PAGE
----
While travelling recently, I had a chance to attend a screening of the documentary film Eva Hesse, directed by Marcie Begleiter. The film draws from the large collection of diary entries and letters written by Hesse, now housed at the Allen Memorial Art Museum in Oberlin, Ohio, and makes generous use of archival photographs and footage of Hesse and her circle of New York City artists and writers during the 1960s. Featured in this film are Sol LeWitt (1928-2007), with whom Hesse maintained a close friendship, Robert Mangold and Sylvia Plimack Mangold, Paul Thek, Lucy Lippard, her former husband, Tom Doyle, and her older sister, Helen Hesse Charash, among others. The actress Selma Blair is the voice-over for the selected passages from the diaries and letters. Most of the still photography is black-and-white, and a few of the photographs are manipulated very subtly so that they appear to be slightly moving, creating a haunting effect. Hesse’s artwork presented in the film is beautiful, poignant, and profoundly personal.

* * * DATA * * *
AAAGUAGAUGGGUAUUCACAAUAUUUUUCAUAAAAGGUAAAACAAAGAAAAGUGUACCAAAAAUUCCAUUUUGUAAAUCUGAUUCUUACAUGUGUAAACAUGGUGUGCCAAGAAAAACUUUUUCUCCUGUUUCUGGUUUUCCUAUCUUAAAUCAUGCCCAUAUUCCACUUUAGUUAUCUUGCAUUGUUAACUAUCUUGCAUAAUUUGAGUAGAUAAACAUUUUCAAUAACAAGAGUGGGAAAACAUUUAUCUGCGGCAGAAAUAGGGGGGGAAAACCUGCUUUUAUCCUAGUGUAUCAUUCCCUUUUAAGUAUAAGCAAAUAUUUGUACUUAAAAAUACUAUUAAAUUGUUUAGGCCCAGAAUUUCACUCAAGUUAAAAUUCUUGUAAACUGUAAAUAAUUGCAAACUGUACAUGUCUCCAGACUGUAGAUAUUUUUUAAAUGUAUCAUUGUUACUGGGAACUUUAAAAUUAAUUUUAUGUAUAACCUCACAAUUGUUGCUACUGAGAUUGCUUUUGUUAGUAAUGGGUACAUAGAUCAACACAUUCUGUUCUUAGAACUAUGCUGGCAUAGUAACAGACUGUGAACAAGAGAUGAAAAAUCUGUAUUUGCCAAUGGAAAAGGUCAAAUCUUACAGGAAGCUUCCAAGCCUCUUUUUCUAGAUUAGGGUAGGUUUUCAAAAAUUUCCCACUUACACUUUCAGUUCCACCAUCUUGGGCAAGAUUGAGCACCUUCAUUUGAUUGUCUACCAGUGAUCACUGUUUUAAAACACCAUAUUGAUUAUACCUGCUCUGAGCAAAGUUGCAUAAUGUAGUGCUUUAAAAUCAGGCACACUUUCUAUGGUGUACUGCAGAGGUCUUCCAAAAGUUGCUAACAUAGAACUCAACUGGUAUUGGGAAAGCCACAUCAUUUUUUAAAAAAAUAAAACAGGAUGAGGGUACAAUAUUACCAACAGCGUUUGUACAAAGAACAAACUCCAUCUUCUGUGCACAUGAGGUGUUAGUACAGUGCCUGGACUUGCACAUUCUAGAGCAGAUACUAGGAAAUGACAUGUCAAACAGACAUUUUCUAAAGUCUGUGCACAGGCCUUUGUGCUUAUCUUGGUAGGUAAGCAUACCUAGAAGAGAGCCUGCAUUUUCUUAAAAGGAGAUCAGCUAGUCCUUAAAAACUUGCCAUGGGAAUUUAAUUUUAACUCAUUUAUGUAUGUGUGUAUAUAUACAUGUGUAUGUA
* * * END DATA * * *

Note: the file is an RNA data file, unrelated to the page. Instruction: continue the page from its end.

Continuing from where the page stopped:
Mary Doyle (1904 – 2000), a Texas native, devoted her adult life to the art education of Dallas children and to the printmaking profession. She participated in many of the exhibitions organized by the women’s printmaking group the Texas Printmakers, formerly the Printmakers Guild, and remained active in art education organizations and other art groups: the Arlington [Texas] Art Association, the Dallas Art Education Club, the Dallas Museum of [Fine] Arts, the Dallas Print Society, and the Texas Fine Arts Association. The collection includes artwork, clippings, correspondence, documents, photographs, publicity, and published works related to her teaching and art career. The artwork consists of works by Doyle and her contemporaries. Continue reading “Collection Spotlight: Mary Frances Doyle art work and papers”